I’ve no idea if I can get on. I’ve about four hours to find out. He’s on his way. I’m sick to my stomach with worry. He has no worries.

If you hear from me again within 24 hours, I’ve probably failed and it would be a good time to send me best wishes and good jokes.


der Regen (the rain)

Today was one of those days I felt deprived of fresh air.

Yesterday I discovered that if I put work onto a laptop that had no internet connectivity (goodbye IM, emails, and the telephone), and sat outside of my office under some shade, with no air conditioning, just fresh air and light breeze, I’m extremely productive.

As a result, I had wanted to do the same today during those trying hours of post-lunch pre-end-of-work-day. But as soon as I got to the lobby, it poured. I trudged back into the office reluctantly and settled down into my oversized but overfilled cubicle.

So when I was finally sick of pimping up some neverending presentation slides, I decided to leave for the day. I was in flats and I was getting rid of some PMS blues, so I was happy to skip getting a lift from a colleague and walked on my own. So commenced a 15minute walk to the bus stop. I felt a few spatters, others got their umbrella ready while I thought mmm I wouldn’t mind walking in a drizzle, it’s nature’s way of saying hi, I missed you today.

Then the drizzle got heavier, droplets colluded and soon flushed down as an insane downpour. As I got closer to the bus stop, I decided I didn’t want to take the bus. I was enjoying the walk. It was just me, my umbrella and my flats that filled like a fish could survive in it, squeaking with every step I made. Rain-related songs filled by head and I belted it out it’s rai-ai-aining, it’s rai-ai-aining, gotta find a way to get away get away… and somewhere along the lines of won’t blame it on myself… yeah, blame it on the weatherman…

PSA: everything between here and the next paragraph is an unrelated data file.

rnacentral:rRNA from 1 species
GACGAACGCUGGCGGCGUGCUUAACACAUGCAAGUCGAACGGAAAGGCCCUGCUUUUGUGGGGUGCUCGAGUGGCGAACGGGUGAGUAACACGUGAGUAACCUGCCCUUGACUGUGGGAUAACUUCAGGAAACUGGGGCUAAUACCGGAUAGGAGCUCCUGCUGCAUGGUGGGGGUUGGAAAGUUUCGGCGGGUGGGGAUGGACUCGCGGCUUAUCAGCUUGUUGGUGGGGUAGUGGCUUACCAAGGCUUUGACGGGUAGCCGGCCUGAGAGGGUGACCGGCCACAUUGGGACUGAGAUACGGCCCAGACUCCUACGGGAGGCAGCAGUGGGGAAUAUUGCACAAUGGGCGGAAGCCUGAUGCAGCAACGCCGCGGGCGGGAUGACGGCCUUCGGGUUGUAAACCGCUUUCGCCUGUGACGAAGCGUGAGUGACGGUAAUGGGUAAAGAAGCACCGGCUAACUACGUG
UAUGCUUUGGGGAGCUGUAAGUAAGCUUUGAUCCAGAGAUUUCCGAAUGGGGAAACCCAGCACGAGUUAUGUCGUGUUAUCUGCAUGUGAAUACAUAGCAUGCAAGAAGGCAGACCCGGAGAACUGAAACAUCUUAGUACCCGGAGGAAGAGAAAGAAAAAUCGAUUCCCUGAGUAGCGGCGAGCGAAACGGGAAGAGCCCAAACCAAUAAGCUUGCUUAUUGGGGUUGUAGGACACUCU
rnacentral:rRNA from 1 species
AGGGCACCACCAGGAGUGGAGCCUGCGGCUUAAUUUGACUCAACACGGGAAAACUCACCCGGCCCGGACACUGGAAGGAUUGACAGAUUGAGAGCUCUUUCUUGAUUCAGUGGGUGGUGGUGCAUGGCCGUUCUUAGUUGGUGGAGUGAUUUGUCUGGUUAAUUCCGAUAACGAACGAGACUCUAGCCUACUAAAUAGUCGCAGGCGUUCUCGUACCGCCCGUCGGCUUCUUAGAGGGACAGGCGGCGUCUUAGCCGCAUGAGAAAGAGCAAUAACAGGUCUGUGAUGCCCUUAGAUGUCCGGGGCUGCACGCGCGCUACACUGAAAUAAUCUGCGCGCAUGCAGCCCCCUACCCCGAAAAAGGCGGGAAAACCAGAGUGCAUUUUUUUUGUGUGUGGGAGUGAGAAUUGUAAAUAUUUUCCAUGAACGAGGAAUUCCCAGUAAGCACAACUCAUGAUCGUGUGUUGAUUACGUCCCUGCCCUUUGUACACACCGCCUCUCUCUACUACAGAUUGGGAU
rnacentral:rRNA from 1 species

20 minutes into walking, I was trying to avoid standing too close to the edge of the road. I was shielding from both the rain and the splashes from cars swishing past puddles. I went on to belt out feels like I’m walking in the rain, I find myself trying to wash away the pain…

Then it got lighter, and I tried to take a few short cuts by cutting across residential estates. 30 minutes into walking, I finally found my way out of them – it was a maze. I was starting to feel like I’ve been walking for a while. My head decided to make a switch of playlists and I was singing and I would walk 500 miles and I would walk 500 more, just to be that man that walks 1000 miles to fall down at your door. And the finale 45 minutes into walking – but you know I’d walk a thousand miles if I could hold you… tonight.

Cue end of under-the-umbrella musical. Thanks, rain.

That last apt song aside, so far what I do know is: I’ll be seeing S next, next Saturday! Where are we meeting? I’m not sure yet. In which country would that be? I don’t know yet. When will he arrive? Ich weiß es nicht. How will he arrive? Kein Ahnung. All I know is, I’ll be seeing him next, next Saturday and I have 20 euros in my wallet. Hooray!!!